Cyber security has been receiving a lot more attention in the press of late. Some large and well-known corporations have been affected by breaches and data loss but cyber security is something we all need to consider. Personal breaches can cause loss of our personal information or cause financial loss.
The following steps will help you improve you security and assist with spotting a potential hack or scam.
1. Turn on multifactor or two factor systems if possible
An example of multifactor (or two factor authentication) is when you login to do some online banking and to transfer money or pay bills your bank may request you to enter a code that has been sent to you via SMS.
It’s also recommended you use multifactor when logging into any system if its available. For example you can enable this on your Facebook account by:
- Clicking the Account down arrow on the top right corner of the website
- Click the Security and Login section on the left
- Then enable Use Two Factor authentication and follow the steps to setup.
- Use SMS if you don’t have a smart phone or use both SMS and an authenticator app if you have a smart phone.
If you use other services like Online Banking, Hotmail, Microsoft Office Online, Gmail or Google Services such as YouTube, you should also enable these features in the account settings provided they’re available.
2. Use a password manager
The Apple and Google password managers are quite good, FREE and built into most major systems (MacOs\IOS and Android\Chrome).
The good thing about these is they usually work automatically, suggest strong passwords, and remember them for you!
If you want more features you could look at a paid subscription to LastPass or Dashlane. When you use these systems it’s much easier to use a different password for different systems preventing hackers who might have access your Facebook account, from accessing your Twitter account as well.
3. Passwords – the bigger the better
Twelve-character passwords or more are recommended, but you can really improve your password strength by using two word passwords.
A password such as “Tuesday24” isn’t strong and would be at risk. However if you change your method just a little and consider using numbers and a phrase or two words that have meaning you are hardening your password security significantly. This is also going to improve your protection if you aren’t able to enable two factor or multifactor options.
An example of a great password might be a mixture of things you love and can remember. Pet names, with favourite colours, hobbies, sports and dates are perfect. Eg Rover8myFootball82.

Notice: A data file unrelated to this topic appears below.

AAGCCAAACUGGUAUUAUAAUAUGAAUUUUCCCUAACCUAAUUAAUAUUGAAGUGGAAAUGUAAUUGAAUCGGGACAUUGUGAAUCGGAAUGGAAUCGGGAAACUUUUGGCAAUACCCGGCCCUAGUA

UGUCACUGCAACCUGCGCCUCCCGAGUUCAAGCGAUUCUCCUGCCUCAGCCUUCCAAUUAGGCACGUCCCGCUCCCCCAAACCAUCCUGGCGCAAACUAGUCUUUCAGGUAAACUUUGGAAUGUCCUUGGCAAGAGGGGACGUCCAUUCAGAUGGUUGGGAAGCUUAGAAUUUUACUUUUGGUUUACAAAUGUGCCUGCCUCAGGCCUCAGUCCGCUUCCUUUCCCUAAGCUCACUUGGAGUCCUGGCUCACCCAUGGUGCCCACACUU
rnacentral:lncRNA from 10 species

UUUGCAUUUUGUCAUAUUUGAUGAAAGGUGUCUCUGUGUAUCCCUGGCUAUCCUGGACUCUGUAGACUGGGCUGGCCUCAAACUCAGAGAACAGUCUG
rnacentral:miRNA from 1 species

4. Don’t click!
Links that are delivered via email, sometimes called hyperlinks are also quite risky.
Emails are easy to hack, impersonate and infiltrate for the purposes of fraud, username and password theft.
If you receive an email requesting you to click a link, avoid it unless you are able to confirm it really is from the source. Hyperlinks in email often carry what is called a “phishing” link which might request you to enter your username and password which would then capture this for use by a hacker to infiltrate a system. They can be hard to spot, so be really cautious of any links in email even if you think its from someone you know.
A quick call or text to a mate to confirm could make all the difference.
5. Phone scams and identity theft
Phone scams and identity theft can be hard to identify but if someone has called you from overseas or from an unfamiliar number and you don’t know them, or the company they’re from, then it’s likely to be a scam.
We can only really suggest being careful giving anyone on the phone your personal details unless you are familiar with them or the verification processes the company use. If it seems strange, then that’s when you might want to just hang up especially if they start asking for your personal details and logon information.
A good way to verify someone is from the company they say they’re from is to politely say I will call you back in a few minutes, hang up and call back via their hotline or contact centre numbers published on there website, bills or other documentation you have.
Anyone can say they’re from anywhere!
Want to really test your password strength?
We typed in the following password combinations to see how long it would take to crack them.
You can see it really pays to be a bit creative with your passwords.
|The time it would take a computer to crack this password
|1 trillion years
|3 sextillion years